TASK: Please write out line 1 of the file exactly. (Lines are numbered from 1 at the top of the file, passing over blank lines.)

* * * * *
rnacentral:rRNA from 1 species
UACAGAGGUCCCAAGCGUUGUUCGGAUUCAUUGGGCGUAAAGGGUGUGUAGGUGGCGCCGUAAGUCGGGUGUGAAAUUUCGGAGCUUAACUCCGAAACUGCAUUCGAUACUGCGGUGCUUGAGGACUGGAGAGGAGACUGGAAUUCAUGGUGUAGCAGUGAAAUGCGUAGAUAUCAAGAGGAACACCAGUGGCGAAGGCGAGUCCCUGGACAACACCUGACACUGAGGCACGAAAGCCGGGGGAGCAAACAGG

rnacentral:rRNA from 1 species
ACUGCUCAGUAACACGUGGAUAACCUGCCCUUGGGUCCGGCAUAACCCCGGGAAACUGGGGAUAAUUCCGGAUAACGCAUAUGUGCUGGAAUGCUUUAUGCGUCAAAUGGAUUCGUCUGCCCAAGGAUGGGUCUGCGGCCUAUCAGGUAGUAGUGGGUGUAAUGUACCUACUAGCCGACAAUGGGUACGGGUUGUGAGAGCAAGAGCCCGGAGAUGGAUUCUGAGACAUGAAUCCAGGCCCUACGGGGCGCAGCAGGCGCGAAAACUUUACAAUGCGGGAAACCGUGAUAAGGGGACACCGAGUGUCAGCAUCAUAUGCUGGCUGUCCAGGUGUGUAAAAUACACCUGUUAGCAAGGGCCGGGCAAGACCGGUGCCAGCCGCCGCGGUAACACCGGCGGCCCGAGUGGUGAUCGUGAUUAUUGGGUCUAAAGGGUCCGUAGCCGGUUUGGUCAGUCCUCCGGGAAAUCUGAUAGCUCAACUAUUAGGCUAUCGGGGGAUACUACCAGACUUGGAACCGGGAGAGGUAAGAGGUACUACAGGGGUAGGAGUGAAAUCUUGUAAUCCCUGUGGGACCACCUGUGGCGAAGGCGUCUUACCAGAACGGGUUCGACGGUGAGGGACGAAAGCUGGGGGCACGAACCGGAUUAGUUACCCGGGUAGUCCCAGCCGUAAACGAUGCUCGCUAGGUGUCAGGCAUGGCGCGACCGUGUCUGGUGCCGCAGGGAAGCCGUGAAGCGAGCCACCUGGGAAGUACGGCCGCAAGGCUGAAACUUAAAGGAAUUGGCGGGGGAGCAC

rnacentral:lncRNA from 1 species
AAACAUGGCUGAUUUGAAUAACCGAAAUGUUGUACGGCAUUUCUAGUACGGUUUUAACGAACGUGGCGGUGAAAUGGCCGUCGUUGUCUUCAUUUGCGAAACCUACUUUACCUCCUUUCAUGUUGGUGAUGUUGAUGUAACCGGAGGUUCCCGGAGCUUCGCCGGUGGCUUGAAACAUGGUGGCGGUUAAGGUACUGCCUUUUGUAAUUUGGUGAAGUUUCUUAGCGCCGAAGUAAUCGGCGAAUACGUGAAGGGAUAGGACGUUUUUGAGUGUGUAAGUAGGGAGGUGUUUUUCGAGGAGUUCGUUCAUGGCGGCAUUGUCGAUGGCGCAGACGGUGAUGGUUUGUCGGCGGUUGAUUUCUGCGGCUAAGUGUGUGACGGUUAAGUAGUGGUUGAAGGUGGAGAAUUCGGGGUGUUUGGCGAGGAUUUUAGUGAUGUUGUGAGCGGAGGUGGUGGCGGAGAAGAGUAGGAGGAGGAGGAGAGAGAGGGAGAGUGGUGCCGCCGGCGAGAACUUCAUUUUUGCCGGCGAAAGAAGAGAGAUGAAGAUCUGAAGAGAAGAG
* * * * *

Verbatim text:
rnacentral:rRNA from 1 species